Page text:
While tarot is primarily an image-based medium, focusing on that imagery presents an obstacle to neurodivergent students. People whose visual processing differ from the neurotypical might struggle to pair the pictures on the cards with the meanings they represent. Others might have a hard time understanding why certain images and details are associated with those meanings. That ambiguity is then a stumbling block, keeping students who would otherwise continue in their learning to step away from tarot altogether. Tarot is for all, and should never seem intimidating or off-limits.
Giving a description of the images in the Raider-Waite-Smith deck along with the traditional interpretations, the Tarotorial Tarot Training Deck helps students to make those connections early.
Rote memorization isn’t the best way for everyone to learn. It can often serve as a roadblock in development for readers, who often get stuck in the learning cycle before getting hands-on. If readers and students relieve themselves of the pressure to know the meanings before diving into tarot, they can begin to explore the medium with much more confidence.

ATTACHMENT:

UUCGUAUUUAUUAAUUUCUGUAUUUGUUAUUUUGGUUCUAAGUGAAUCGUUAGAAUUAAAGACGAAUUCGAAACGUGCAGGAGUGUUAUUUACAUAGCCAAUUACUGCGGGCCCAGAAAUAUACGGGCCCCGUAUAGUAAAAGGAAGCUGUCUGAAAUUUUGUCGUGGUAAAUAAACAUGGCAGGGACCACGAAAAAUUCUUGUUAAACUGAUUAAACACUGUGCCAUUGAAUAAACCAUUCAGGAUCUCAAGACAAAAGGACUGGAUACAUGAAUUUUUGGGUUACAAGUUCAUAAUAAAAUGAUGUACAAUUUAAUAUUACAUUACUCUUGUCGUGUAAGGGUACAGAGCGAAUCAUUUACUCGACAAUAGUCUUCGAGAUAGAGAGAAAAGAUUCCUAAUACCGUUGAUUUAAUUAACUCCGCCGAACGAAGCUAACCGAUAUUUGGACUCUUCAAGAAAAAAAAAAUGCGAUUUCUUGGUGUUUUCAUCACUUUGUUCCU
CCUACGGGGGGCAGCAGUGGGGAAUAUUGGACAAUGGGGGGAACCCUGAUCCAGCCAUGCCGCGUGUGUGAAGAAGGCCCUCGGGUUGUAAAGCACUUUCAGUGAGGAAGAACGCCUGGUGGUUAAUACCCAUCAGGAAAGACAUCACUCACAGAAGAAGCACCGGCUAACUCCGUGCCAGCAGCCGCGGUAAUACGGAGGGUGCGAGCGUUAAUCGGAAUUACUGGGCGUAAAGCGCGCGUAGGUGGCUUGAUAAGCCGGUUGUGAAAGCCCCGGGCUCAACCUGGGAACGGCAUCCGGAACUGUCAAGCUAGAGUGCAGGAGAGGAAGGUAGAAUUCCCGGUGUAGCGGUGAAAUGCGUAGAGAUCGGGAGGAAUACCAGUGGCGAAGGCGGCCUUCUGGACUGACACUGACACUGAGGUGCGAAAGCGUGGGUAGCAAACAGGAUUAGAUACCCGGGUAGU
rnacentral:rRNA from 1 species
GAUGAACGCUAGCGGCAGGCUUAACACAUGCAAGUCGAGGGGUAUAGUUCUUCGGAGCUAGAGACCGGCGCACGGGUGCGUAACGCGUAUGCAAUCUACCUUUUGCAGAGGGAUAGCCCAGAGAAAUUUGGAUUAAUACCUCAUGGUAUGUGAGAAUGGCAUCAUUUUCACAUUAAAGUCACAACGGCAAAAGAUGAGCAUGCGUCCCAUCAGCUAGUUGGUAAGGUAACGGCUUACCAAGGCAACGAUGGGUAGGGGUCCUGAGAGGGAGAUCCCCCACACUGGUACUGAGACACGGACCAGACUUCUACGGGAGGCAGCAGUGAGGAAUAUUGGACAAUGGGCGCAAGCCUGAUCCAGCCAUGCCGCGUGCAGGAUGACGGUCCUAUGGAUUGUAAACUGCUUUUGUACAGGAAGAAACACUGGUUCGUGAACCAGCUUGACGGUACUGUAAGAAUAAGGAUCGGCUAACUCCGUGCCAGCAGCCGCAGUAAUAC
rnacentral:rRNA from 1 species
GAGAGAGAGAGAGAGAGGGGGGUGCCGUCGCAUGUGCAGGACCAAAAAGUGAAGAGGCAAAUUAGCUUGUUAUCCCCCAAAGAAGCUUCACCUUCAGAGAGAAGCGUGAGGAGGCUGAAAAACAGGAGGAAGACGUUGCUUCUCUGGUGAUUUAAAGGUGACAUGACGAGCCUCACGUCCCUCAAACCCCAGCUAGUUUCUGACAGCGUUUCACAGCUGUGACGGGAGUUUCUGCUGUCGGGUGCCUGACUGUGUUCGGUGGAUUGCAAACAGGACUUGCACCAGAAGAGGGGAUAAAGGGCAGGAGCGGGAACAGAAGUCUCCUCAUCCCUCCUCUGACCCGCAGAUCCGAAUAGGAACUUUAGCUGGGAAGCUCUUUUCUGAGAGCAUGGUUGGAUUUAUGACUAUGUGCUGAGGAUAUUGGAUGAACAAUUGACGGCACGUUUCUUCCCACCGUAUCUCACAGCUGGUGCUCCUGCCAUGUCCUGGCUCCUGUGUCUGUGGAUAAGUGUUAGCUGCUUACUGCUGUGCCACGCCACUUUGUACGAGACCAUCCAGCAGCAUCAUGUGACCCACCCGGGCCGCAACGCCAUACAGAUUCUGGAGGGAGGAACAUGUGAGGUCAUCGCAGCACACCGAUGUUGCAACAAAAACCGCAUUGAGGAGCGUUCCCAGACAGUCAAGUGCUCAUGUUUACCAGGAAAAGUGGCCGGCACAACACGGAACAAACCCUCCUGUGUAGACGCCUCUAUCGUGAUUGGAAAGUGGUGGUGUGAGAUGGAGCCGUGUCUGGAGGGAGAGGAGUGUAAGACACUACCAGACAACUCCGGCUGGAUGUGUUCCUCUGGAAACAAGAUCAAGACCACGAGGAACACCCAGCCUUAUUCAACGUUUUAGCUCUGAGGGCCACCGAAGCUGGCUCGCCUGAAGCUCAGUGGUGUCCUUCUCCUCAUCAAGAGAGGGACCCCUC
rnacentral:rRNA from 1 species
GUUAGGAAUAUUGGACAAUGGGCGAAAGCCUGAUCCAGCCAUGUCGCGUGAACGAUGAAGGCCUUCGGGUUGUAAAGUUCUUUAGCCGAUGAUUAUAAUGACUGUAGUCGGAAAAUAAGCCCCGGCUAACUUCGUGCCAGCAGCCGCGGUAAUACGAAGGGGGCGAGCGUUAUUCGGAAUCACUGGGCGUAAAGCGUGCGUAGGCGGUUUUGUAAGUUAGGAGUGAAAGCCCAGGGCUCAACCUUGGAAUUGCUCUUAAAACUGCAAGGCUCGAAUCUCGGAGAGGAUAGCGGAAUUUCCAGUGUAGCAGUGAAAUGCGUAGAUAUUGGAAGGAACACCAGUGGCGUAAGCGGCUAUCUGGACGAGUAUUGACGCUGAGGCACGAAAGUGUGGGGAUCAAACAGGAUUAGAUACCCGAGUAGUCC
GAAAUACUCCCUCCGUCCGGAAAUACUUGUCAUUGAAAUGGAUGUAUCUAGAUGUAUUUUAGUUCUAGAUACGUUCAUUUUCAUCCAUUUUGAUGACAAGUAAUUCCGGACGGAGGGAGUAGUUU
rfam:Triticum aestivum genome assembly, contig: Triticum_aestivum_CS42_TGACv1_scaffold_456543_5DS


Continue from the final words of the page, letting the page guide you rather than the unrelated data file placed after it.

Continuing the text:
No method of teaching tarot will reach all students equally. The Tarotorial Tarot Training Deck just allows neurodivergent tarot readers access to a curated tool where traditional teaching methods fail. And, it serves as a great refresher for seasoned readers who may benefit from a flashcard-like style of reference.